Giving Up Your Rights to be Right {in marriage}

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Giving Up Your Right to be Right

{Modified from original post Jan. 2011}

My husband and I are in our 15th year of marriage. We have certainly had our shares of ups and downs as well as a couple of serious issues we had to work through. We have both grown over the years on how we handle conflict in our marriage and I can honestly tell you, that our marriage, though not perfect, is blissful.

Almost Never Easy

I realize not everyone has a blissful marriage and sometimes what works for one couple just does not work for another. Given that we each have unique situations and are unique individuals, some things just may not work in everyone’s marriage.  On the flip side, there are some radical ideas out there that can seriously save a marriage when someone has the courage to try them. I don’t mean that in a degrading way. The fact of the matter is, it takes courage to do things that go against what we’re used to or what we know based on others teachings.

I want to share with you one concept I have learned to embrace over the years. I will warn you: it is not easy. It is not popular. It is not comfortable. It requires complete and utter self-denial. It could help save your marriage. Not just from divorce, but from emptiness and building up walls.

Give Up Your Right to be Right

That concept is learning to give up your “right” to be right.

When we are right about something, we believe it is our duty to make sure our husband knows it. Somehow we’ve bought into the idea that when we are right it must be known.

Most of the time, our disputes are based on someone being right and someone being wrong. They can involve issues of sin, a simple misunderstanding, or forgetfulness.  Obviously someone is [usually] right and someone [usually] wrong. Those are the conflicts we’re going to focus on.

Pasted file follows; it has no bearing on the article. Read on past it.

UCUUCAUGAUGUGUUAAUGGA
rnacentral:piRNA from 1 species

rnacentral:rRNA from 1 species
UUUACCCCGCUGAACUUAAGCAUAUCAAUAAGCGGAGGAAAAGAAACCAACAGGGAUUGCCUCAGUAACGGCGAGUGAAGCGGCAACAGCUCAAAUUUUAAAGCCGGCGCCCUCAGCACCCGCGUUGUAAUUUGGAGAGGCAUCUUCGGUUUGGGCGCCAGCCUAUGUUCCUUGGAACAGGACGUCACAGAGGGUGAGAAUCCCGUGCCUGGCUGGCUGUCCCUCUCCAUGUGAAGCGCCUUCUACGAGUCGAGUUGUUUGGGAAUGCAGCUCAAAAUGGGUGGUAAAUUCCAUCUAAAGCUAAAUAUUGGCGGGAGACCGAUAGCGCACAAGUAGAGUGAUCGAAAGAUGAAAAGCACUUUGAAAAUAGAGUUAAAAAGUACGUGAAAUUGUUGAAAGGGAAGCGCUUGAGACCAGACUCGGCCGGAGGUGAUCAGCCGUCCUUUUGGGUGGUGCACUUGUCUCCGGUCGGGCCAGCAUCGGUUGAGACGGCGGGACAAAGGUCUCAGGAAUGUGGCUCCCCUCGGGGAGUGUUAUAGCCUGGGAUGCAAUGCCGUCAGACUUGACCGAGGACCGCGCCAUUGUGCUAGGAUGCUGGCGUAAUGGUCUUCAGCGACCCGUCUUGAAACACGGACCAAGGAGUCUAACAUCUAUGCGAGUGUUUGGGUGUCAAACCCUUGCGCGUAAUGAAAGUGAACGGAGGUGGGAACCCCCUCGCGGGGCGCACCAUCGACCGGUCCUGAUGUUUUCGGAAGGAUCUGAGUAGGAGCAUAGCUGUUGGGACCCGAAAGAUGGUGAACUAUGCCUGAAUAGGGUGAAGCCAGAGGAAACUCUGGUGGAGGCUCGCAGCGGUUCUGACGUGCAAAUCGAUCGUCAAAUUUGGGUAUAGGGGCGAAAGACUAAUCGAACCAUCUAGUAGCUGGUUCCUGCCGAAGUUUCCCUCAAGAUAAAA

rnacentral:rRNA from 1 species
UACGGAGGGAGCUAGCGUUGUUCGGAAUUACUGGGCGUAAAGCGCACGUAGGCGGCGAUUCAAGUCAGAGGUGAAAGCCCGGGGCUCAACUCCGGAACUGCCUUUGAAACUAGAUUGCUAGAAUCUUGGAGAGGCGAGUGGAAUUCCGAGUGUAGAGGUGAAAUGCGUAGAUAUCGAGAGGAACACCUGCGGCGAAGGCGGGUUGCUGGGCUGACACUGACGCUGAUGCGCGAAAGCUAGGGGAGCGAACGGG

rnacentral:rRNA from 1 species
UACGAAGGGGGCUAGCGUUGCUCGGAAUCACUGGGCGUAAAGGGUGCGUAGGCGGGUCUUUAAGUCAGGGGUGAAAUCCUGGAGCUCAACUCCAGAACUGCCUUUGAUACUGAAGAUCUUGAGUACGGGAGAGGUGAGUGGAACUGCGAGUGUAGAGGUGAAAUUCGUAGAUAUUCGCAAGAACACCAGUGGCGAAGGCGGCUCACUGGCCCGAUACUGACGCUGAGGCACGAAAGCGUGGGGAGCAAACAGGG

Right now, think about how much you value your husband. Think back to when you got married and why. Think about how wonderful it is when you two are in unity and all is happy in your marriage. It’s a great place to be! What price have you paid to keep that unity? What have you sacrificed? What have you implemented to help your marriage get to where it is now? {Assuming, of course, your marriage is doing alright}. Was it worth it?  Do you value your marriage enough to do whatever it takes to keep it healthy and thriving? To remain in unity?  The reason I’m asking all these questions is because if you answer “no”, this idea is going to be pretty useless.

Try It. Practice It.

The next time you have a disagreement with your husband, try giving up your right to be right. Give up being known as the one who has the right answer, the right response, the right attitude. Even if you know beyond the shadow of a doubt you are right. Yes, I am serious.

Very often, when I am in a dispute with my husband, I find that being in unity with him is way more important to me than being right about the argument. I’m talking matters of misunderstandings in this case, not so much sin.  Honestly step back and evaluate: what is more important? Is being right that important? Does it really matter who accidentally left the milk on the counter all night? Or if it’s his fault he doesn’t have clean socks because he didn’t throw them down the chute [or put them with the dirty laundry to be washer]. Think about what you most value. Sometimes we just need to be the one who backs down and let’s something go.

Let go of your “right” to be the one who is right. Choose unity over pride. You don’t necessarily need to say “You were right and I was wrong”. Just let it go and move on.


Apologize?! For what? I didn’t do anything wrong! Aha! We’ll talk about apologizing in another post.


What I am NOT saying:

I am not saying to ignore large issues that need addressing. This is simply talking about the smaller “tiffs” in marriage that could blow up into a whole big mess for nothing.

I am not saying you have to be a door mat. This is a personal decision based upon your particular circumstances. I have found this to work wonders in my marriage, even though it is not easy. My husband does not take advantage of my “backing off” by making it worse. Use discretion. Be sure this type of thing would work in your marriage and not make things worse.


  1. Amen I agree with this post! and the topic :-)

  2. Couldn’t agree more! Thanks for the encouragement :)

  3. Oh, Christin, I needed to read this today. I like to be right. All. The. Time. What a great reminder that sometimes we just need to forfeit that right, in favor of something more important. Peace.

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